So that's the long answer. It's simple in theory but very difficult in practice. Does that help or at least answer your question? (BTW, thanks for asking! It was really a great experience for me to think about it more thoroughly and flush it out!)

Amy Guerino said...

I've always respected and valued your clear thinking when we did the task team. It comes through here in your post on perspective.

You said, "if we live our lives from a different perspective - one that provides more clarity, direction, and is not biased towards me - we can take into consideration all of the factors and make wiser, more informed decisions." Those of us that understand our little story fits into His bigger story will endeavor to reach for God's perspective.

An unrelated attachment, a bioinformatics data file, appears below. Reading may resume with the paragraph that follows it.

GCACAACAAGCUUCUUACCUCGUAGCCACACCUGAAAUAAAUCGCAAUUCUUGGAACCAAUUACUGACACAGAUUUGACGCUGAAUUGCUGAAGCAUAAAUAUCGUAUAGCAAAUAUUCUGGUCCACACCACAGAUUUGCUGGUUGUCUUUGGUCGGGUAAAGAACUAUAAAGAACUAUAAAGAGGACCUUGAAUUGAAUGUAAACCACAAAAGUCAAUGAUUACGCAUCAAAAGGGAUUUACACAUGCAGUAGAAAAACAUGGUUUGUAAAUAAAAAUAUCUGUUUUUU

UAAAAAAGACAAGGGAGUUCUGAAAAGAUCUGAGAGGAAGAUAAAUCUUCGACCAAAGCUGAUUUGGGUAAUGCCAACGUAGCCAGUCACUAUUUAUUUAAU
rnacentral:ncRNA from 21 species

I'm reading a wonderful book called Mere Humanity by Donald T. Williams. He is taking the writings of G.K. Chesterton, C.S. Lewis, and J.R.R. Tolkien to show how the worldviews of naturalism and postmodernism undermine the nature of mankind. We were made in the image of God to reflect him as a Creator. We gravitate to want a bigger perspective because as image bearers we are made for eternity. And yet we live in a time bound, cursed place.

Williams quotes Chesterton, "'God had written not so much a poem, but rather a play; a play he had planned as perfect, but which has necessarily been left to human actors and stage managers who have since made rather a mess of it.' But the stories we make as we strut and fret our hour upon that stage still speak of our longing for restoration because we were made in the image of the Maker who is Savior and Redeemer as well."